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When and how often can a landlord come into a Metro Vancouver rental unit?

"Sometimes [landlords] will do it for the purpose of harassing or intimidating tenants to make them want to leave," said a tenancy lawyer.
A landlord is allowed to enter a unit if they need to "provide housekeeping services" agreed to in the tenancy contract, among other reasons.

Did your landlord come into your rental unit without providing you notice? You may want to dispute that with the Residential Tenancy Branch (RTB).

While the Residential Tenancy Act (RTA) states that landlords are permitted to perform monthly inspections on rental units, they aren't allowed to enter the unit for any reason.

Rob Patterson is a lawyer with the Tenant Resource and Advisory Centre (TRAC) who says that many landlords abuse their right to enter a tenant's home. In some cases, they might start entering a unit more often to intimidate tenants.

"Sometimes they will do it for the purpose of harassing or intimidating tenants to make them want to leave," he told V.I.A. 

Even if a landlord has a reasonable reason to enter a unit, having someone unexpectedly enter your home can be frightening or disturbing. 

"Getting out of the shower and the landlord is there with a couple of contractors is unsettling," he said. 

For this reason, landlords are expected to provide at least 24 hours' notice before they enter a person's dwelling. They need to provide notice in writing and in a place where the person is likely to see it. This can be done via mail, posting the notice to a tenant's door, or leaving it in another "conspicuous place."

However, landlords should be careful how they interpret the RTA.

Leaving a notice to enter a unit in a place that might get missed by a tenant isn't providing them with proper notification. For example, posting a notification to enter a unit in a shed by a house may likely get missed, so it isn't a good place to leave it. Delivering the note to the person directly or posting it on the door is unlikely to be missed.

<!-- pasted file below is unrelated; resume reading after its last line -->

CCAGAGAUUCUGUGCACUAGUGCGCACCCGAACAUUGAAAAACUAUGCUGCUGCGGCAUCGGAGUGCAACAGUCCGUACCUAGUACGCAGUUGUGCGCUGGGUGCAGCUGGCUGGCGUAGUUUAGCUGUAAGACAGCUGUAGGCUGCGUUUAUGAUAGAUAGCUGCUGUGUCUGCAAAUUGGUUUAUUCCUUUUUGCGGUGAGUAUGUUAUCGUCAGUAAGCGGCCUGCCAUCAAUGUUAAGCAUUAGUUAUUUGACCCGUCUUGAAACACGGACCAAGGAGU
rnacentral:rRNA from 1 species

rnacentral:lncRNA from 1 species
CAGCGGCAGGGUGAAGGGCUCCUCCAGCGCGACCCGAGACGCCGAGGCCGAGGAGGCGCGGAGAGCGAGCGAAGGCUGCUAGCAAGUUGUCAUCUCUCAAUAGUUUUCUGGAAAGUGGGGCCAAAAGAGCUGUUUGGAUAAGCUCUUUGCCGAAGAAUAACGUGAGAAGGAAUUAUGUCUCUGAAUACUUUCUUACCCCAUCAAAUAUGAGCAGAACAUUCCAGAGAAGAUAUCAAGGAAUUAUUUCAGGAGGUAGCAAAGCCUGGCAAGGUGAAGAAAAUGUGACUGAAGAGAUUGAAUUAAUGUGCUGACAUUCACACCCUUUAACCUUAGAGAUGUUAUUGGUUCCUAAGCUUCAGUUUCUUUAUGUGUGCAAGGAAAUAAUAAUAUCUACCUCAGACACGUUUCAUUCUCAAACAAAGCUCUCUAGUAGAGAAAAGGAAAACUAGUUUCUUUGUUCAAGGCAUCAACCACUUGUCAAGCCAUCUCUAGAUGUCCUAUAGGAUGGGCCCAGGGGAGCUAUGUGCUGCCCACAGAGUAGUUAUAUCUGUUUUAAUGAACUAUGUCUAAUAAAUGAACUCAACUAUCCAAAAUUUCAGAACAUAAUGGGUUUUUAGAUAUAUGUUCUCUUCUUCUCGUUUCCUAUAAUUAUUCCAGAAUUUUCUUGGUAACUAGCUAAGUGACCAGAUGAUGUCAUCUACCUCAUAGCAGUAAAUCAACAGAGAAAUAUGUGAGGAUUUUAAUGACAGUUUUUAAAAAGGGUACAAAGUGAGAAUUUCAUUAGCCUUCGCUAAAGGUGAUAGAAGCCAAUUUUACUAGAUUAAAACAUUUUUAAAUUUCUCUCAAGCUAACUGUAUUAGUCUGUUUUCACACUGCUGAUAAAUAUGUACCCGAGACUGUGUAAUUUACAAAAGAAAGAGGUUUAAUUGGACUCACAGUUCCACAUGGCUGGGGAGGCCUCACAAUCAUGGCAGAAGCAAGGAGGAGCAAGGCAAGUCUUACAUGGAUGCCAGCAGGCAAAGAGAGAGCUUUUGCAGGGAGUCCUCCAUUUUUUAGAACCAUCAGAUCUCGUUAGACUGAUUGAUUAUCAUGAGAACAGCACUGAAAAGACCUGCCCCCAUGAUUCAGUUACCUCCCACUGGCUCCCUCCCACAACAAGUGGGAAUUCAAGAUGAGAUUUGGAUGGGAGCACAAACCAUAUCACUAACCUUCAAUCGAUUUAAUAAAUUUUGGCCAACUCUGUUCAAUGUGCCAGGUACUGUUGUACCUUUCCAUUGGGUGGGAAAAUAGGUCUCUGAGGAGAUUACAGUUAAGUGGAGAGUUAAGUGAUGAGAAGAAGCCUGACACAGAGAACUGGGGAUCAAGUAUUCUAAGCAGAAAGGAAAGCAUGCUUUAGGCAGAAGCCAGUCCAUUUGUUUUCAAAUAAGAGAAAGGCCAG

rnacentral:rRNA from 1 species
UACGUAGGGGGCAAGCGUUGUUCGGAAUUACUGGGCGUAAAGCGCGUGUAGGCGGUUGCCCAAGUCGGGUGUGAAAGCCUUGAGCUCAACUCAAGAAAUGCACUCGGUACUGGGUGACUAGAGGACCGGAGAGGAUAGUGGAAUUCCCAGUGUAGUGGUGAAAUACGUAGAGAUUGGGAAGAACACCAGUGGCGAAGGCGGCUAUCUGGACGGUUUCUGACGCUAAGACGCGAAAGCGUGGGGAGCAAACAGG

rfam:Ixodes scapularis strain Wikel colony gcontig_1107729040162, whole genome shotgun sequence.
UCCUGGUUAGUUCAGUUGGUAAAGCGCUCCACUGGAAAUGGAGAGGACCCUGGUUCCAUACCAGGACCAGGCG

The notice must also provide the date and the time of the entry, which must be between 8 a.m. and 9 p.m. unless the tenant otherwise agrees.

Can a landlord enter my unit without providing notice?

Landlords may enter the unit without notice if they have an emergency reason that will "protect life or property." 

They may also enter the unit if they have been granted the right to by the RTB. However, they would need to obtain an order to do this first. 

A landlord could also enter a rental unit if they need to "provide housekeeping services" agreed to in the tenancy contract or if the tenant has abandoned the property, according to TRAC.

Patterson says landlords may abuse the law because it is vague. For example, the RTA doesn't stipulate the number of times a landlord may enter a unit. They could enter the unit once a week or as much as every day if they felt it was needed. And while they must have a reasonable purpose for entering the unit, the definition of "reasonable" isn't mapped out in the act. 

But the tenancy lawyer says tenants shouldn't allow their landlords to invade their privacy.

"If the landlord keeps coming in, they can't just do daily inspections," he noted, adding the vague rules make it "challenging for tenants to push back." 

There also aren't clear rules about what happens during a unit inspection.

Tenants should keep in mind that there are exceptions to this perspective. If the building has an ongoing leak, it may be reasonable for the landlord to enter the unit until the issue is resolved.

"It is not following the letter of the law, it's following the spirit of the thing," he said.

What steps should I take if my landlord refuses to follow the advice?

TRAC says tenants should provide their landlords with a written notice that spells out why they must provide notice before entering their unit. If they do not respect the request, a tenant may apply for dispute resolution through the Residential Tenancy Branch (RTB) — especially if their landlord continues to enter illegally:

TRAC outlines the following orders you can apply for in this situation.

  • an order that your landlord follow the law;
  • an order giving you permission to change the locks and keep the only key;
  • an order that sets conditions on when your landlord is allowed to enter; and
  • an order that your landlord pay you monetary compensation.

Patterson says he's never helped a tenant get an order for their rental unit's locks changed and it can be "challenging to know when to push for those things." But it's something that an individual might need to do if their landlord is invading their privacy.

"It seems like a small issue...but put yourself in the shoes of the tenant. It has an extreme effect on the feeling of safety and security," he explained. 

If a landlord makes you feel unsafe or threatens you, call 911 immediately.